Pick a pointing device, usually a mouse. Some laptops come with touchpads or trackballs designed to do the same thing – give you a quick way to move the pointer around the screen so that you can select options by clicking.

Buying a used computer

Tip.eps If you don’t have a computer and don’t have much money to spend, you may want to investigate the used market. Thousands of perfectly good used machines are floating around looking for a caring home. You can pick up a PC or Mac that’s a few years old for under £200 and it will serve your budding eBay needs just fine. Make sure a monitor is included in the purchase price. eBay sellers often sell their old computers when they upgrade, so you can get some great deals – for more on buying a computer on eBay, check out the section ‘Upgrading your system with the help of eBay’.

Buying a refurbished computer

If you don’t feel comfortable buying a used machine, you may want to consider a factory-refurbished model. These are new machines that were returned to the manufacturer for one reason or another. The factory fixes them so they’re nice and spiffy, and then sweetens the deal with a terrific warranty. Some companies even offer optional, extended, on-site repairs. You get a new computer at a deep discount because the machine can’t be resold legally as new.

For the most part, refurbished computers are defined as returned units with blemishes (scratches, dents, and so on). The factories rebuild them to the original working condition, using new parts (or sometimes used parts that meet or exceed performance specs for new parts). Refurbished computers come with 60- to 90-day warranties that cover repairs and returns. Warranty information is available on the manufacturers’ websites. Be sure to read this info before you purchase a refurbished computer.

Major computer manufacturers, such as Dell, IBM, Sony, Hewlett-Packard (HP) and Apple, sell refurbished computers. For starters, try and select Dell Outlet link on the Home & Home Office products page to find refurbished laptops and desktops. If you want a Mac, go to and scroll down the page to find a link for refurbished models.

Tip.eps Because the inventory and prices of refurbished computers change daily, there’s no way of telling exactly how much money you can save by buying refurbished instead of new. We suggest that you find a new computer system you like and can afford in a shop or a catalogue, and then compare it with the refurbished systems available. If you’re thinking about buying from the Internet or a mail-order catalogue, don’t forget to include the cost of shipping in the total price. Even with shipping costs, however, a refurbished computer may save you some 30–60 per cent, depending on the deal you find.

Upgrading your system with the help of eBay

Tip.eps You may think we’re putting the cart before the horse with this suggestion, but you can get a new or used computer system at a great price by signing on to eBay before you buy your computer. You can get online at your local library or ask to borrow a friend’s computer. We’ve seen eBay listings for workable, vintage home computers, fully outfitted, for less than £200. Often such systems also come loaded with software.

You can also find on eBay all the bits and pieces you may need to upgrade your computer, such as the following items:

Digital cameras and scanners

Disk drives, including CD and DVD drives, and memory cards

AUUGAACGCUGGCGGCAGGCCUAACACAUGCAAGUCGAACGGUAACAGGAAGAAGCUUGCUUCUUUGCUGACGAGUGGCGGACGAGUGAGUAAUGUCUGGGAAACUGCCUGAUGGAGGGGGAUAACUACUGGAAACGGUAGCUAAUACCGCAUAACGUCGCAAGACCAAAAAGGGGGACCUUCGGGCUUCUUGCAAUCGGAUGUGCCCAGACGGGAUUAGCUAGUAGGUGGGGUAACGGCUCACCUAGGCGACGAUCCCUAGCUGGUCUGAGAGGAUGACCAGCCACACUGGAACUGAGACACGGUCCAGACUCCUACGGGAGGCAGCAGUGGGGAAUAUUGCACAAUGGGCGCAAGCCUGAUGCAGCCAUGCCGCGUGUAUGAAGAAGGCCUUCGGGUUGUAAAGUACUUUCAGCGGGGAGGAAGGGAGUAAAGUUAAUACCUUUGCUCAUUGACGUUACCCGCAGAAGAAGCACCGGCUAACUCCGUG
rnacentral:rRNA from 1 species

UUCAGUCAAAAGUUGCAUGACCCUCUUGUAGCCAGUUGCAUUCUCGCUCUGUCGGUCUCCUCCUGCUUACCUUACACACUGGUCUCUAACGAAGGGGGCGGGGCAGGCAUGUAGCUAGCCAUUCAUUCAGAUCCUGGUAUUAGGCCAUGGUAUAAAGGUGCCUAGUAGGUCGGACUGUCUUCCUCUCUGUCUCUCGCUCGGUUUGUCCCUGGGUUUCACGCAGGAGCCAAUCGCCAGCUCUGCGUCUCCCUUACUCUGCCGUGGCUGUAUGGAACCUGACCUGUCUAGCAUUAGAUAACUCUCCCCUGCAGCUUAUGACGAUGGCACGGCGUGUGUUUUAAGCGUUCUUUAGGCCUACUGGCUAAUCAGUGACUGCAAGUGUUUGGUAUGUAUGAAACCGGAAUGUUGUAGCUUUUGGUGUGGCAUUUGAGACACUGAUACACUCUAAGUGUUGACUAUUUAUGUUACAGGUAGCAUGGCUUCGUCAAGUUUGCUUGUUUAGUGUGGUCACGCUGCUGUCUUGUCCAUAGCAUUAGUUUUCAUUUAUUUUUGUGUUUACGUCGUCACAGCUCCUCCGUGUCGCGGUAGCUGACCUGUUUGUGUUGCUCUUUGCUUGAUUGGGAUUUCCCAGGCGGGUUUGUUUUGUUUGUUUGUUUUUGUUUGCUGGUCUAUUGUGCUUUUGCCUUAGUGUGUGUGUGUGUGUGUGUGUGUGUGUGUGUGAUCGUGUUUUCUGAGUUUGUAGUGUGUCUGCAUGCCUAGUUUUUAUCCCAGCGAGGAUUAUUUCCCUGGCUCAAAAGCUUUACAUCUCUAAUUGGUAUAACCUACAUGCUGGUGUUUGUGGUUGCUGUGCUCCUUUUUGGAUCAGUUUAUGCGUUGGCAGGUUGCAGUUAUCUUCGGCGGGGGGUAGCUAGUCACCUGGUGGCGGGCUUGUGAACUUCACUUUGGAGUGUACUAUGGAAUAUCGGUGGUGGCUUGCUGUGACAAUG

Modems

Monitors

Printers

You can modernise and speed up a good used computer by adding some extra RAM. Memory is cheap these days and you don’t need a degree in brain surgery to open up the back of your home computer – just a screwdriver.

Tip.eps Start by performing a scan of your computer at . This tells you how much memory you’ve installed already and how to go about adding some more memory.

To find your ideal bargain, you may have to monitor the different computing auctions on eBay for a while. Go put in your best bid, and check back later to see whether you’ve won. (If you want to find out about the fine art of sniping – bidding at the last minute – skip to Chapter 6. We won’t be insulted if you leave us for a while now. Honest.)

Connecting to eBay without a Computer

Sometimes life is a catch-22 situation. Say your goal is to make some money on eBay so you can afford to buy a computer. Because you can’t log on to eBay without a computer, you can’t make money, right? Well, not exactly. Here’s how you can start selling and bringing in some cold, hard cash for that shiny new (or not-so-shiny, used) hardware.

Much more than books: Libraries

If you haven’t been to your local library lately, you may be surprised that most libraries are fully wired with computers that connect to the Internet. Some libraries don’t even require you to have a library card if you want to use their computers, although they may limit the amount of time you can spend online and the sites you can log on to (often adult sites are blocked). eBay is considered fair game.

Remember.eps The upside of using the library’s computer is that it’s usually free. The downside is that you may have to wait for some kid to finish researching an essay on the ceremonial use of yak milk before you can start your eBay venture.

On the go: Cybercafes and wireless hotspots

If you’re worried about a librarian shushing you as you cheer your winning bids, you may consider using an Internet cafe. If you live near a university or in an area popular with tourists, you’ll probably find an Internet cafe near you. Hourly rates vary considerably, from 50p to around £5 an hour. A well-known example is Easy Internet Cafe, which has orange-painted cafes in most large cities across Europe – see to locate your nearest.

If you have a laptop with wireless Internet access (most new laptops have this facility built in), you can surf while you enjoy a skinny latte at one of the many coffee shops, hotels and airports that provide ‘hotspot’ access.